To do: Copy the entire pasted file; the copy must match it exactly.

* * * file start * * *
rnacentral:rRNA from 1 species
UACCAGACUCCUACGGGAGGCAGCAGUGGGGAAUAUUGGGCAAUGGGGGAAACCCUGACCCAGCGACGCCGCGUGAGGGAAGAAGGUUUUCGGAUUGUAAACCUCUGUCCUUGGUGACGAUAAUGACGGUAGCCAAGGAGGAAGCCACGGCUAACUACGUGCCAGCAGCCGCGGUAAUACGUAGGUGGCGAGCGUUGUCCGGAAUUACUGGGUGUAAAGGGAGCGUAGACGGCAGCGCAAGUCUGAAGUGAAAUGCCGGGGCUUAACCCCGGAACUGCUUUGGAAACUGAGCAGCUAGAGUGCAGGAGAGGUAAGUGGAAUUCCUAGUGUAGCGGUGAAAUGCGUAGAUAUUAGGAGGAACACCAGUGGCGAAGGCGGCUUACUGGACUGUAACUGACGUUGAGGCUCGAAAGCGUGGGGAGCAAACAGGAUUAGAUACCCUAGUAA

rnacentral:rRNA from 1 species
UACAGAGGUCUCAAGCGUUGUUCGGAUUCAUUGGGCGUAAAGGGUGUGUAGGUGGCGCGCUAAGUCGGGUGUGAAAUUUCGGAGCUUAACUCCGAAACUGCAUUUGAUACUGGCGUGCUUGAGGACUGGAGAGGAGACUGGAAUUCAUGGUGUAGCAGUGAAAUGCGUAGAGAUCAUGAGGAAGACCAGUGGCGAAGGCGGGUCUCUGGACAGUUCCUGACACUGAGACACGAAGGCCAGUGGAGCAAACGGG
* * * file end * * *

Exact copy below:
rnacentral:rRNA from 1 species
UACCAGACUCCUACGGGAGGCAGCAGUGGGGAAUAUUGGGCAAUGGGGGAAACCCUGACCCAGCGACGCCGCGUGAGGGAAGAAGGUUUUCGGAUUGUAAACCUCUGUCCUUGGUGACGAUAAUGACGGUAGCCAAGGAGGAAGCCACGGCUAACUACGUGCCAGCAGCCGCGGUAAUACGUAGGUGGCGAGCGUUGUCCGGAAUUACUGGGUGUAAAGGGAGCGUAGACGGCAGCGCAAGUCUGAAGUGAAAUGCCGGGGCUUAACCCCGGAACUGCUUUGGAAACUGAGCAGCUAGAGUGCAGGAGAGGUAAGUGGAAUUCCUAGUGUAGCGGUGAAAUGCGUAGAUAUUAGGAGGAACACCAGUGGCGAAGGCGGCUUACUGGACUGUAACUGACGUUGAGGCUCGAAAGCGUGGGGAGCAAACAGGAUUAGAUACCCUAGUAA

rnacentral:rRNA from 1 species
UACAGAGGUCUCAAGCGUUGUUCGGAUUCAUUGGGCGUAAAGGGUGUGUAGGUGGCGCGCUAAGUCGGGUGUGAAAUUUCGGAGCUUAACUCCGAAACUGCAUUUGAUACUGGCGUGCUUGAGGACUGGAGAGGAGACUGGAAUUCAUGGUGUAGCAGUGAAAUGCGUAGAGAUCAUGAGGAAGACCAGUGGCGAAGGCGGGUCUCUGGACAGUUCCUGACACUGAGACACGAAGGCCAGUGGAGCAAACGGG